Despite Barbenheimer U.K. Cinemas Are Not Out of the Darkness, Says Vue Chief: Our Issue Is Not Enough Movies
Despite the humongous success of “Barbie” and “Oppenheimer” in the U.K. and Ireland, the territory’s theatrical exhibition business is not out of the darkness yet, the Vue cinema chain chief has said.
Speaking to the Sky News podcast, Tim Richards, founder and CEO of Vue International, hailed an “amazing summer” citing the latest films in the “Guardians of the Galaxy,” “Mission Impossible” franchises and the “absolutely phenomenal” “Barbie” and “Oppenheimer.”
“We knew it was going to be big. The advance bookings that we had for the movies were the biggest since ‘Avengers: Endgame,’ but what was really amazing is 23% of our customers booked to see both movies at the same time. I don’t think anyone saw that coming. I mean, the pink of ‘Barbie’ and the incredible, but somewhat a little bit bleak landscape of ‘Oppenheimer,’ two very different movies, but they just worked together really well and they were very effectively marketed,” Richards said.
“It was really through social media that the term ‘Barbenheimer’ came out. It just really goes to show that when the movies are out there, our customers are desperate to come out and be entertained on a big screen. Our customers never left us during the pandemic and after the pandemic, that we just didn’t have any movies for them to see. And now they’re back, our customers are back with us,” Richards added.
The executive said that it was fair to say the recovery of the industry has taken potentially two years longer than anyone expected and it is still significantly down compared to the pre-pandemic period. He said that whenever films like “Belfast,” “Ticket to Paradise,” “Top Gun: Maverick” and “Avatar: The Way of Water” had released, they had broken records in the territory.
“Our issue is a supply issue. Our issue is not enough movies. We know the numbers – 36% fewer films released last year, 20% fewer films released this year,” Richards said.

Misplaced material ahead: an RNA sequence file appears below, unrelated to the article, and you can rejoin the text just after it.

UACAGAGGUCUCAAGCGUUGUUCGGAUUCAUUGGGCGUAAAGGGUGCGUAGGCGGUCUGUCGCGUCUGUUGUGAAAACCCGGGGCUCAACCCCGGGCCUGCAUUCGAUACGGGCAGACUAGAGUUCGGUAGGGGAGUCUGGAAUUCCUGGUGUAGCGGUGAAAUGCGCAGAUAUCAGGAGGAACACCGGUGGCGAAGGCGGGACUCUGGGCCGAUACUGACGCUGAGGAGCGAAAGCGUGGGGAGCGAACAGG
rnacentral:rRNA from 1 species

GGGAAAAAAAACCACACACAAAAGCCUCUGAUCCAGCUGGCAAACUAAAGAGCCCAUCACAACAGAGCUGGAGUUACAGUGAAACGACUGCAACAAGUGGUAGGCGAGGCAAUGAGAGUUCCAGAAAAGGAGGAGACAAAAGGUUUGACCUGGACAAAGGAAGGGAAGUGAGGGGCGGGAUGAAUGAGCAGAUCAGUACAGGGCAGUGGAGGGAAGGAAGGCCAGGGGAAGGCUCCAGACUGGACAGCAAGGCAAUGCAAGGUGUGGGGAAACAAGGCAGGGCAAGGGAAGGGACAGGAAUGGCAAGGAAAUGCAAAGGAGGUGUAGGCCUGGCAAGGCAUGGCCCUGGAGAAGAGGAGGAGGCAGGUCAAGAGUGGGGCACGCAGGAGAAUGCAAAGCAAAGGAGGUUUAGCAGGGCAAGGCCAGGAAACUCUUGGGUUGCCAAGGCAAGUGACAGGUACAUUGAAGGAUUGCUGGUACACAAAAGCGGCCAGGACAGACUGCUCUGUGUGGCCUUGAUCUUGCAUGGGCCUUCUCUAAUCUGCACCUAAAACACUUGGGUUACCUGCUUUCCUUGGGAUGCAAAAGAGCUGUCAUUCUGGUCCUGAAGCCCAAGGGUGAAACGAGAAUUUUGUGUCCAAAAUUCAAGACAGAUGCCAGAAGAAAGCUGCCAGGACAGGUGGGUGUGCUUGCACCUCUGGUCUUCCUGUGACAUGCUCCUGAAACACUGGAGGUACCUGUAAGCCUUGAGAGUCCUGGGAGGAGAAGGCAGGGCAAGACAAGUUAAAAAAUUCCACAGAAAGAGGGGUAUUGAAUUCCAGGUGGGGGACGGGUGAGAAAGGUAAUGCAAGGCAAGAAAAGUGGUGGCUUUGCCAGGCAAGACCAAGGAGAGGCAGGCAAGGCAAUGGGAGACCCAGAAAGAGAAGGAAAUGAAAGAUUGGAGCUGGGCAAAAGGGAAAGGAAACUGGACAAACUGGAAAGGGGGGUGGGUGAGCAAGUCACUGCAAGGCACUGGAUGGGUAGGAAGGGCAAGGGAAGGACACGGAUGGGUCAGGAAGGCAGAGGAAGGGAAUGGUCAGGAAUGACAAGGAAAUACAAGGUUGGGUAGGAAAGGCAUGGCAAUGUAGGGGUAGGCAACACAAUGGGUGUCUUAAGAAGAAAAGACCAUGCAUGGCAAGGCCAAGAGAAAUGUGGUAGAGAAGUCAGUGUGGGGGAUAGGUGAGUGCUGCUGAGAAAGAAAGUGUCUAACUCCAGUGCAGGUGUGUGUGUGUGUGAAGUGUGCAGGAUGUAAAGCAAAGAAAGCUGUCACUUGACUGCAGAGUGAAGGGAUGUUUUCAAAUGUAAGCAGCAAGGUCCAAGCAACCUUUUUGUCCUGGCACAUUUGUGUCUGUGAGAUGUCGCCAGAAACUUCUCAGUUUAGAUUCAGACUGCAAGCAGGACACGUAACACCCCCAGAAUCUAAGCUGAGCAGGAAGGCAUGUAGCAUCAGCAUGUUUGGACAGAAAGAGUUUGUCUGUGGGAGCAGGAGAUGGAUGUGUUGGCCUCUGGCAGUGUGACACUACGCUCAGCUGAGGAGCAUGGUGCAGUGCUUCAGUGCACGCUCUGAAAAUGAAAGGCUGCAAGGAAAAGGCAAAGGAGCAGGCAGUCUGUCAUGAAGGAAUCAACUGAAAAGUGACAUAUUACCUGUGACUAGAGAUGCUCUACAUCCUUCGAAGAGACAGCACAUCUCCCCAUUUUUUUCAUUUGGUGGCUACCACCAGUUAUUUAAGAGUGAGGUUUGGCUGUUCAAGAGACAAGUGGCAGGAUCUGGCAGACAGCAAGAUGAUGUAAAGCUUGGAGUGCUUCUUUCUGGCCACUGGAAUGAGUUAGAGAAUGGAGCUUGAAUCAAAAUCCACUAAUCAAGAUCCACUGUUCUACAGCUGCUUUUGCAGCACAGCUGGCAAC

When asked if the effect of ongoing WGA and SAG-AFTRA strikes would mean that there would be fewer films coming through the pipeline and that the U.K. cinema industry was not quite out of the darkness entirely yet, Richards said, “We’re not out and the strikes were very unfortunate from a timing perspective. The Writers Guild were on strike for 100 days the last time and we didn’t really feel it because the studios managed their releases of their films – this time feels a little bit different that if it goes for a longer period of time, then it might feel the impact of it.”
“We are hoping that because the stakes are so high, that there will be a quick resolution on it,” Richards said.
Richards also weighed in on streaming vs the movies. “Streaming services had their day in the sun, that’s come and gone. During the pandemic, the two or three years that we all went through, where there were no movies, cinemas were actually closed for a lengthy period of time. Our customers love movies, we all love movies. And because they had no choice they turned on to these subscription services, which by themselves are not inexpensive either. But they were watching those at home and you watch a great movie at home when the kids are out and you got an Amazon delivery and you got neighbours and people calling and 18-20 different distractions – it’s not the same experience,” Richards said.
“There is no aspiring filmmaker on either side of the camera, who grows up dreaming of putting their movie onto Netflix, or a small screen. They want to see people enjoy their movie on the biggest screen they possibly can – people laughing, crying whatever that emotion might be. It’s so much more powerful when they share it socially,” Richards added.
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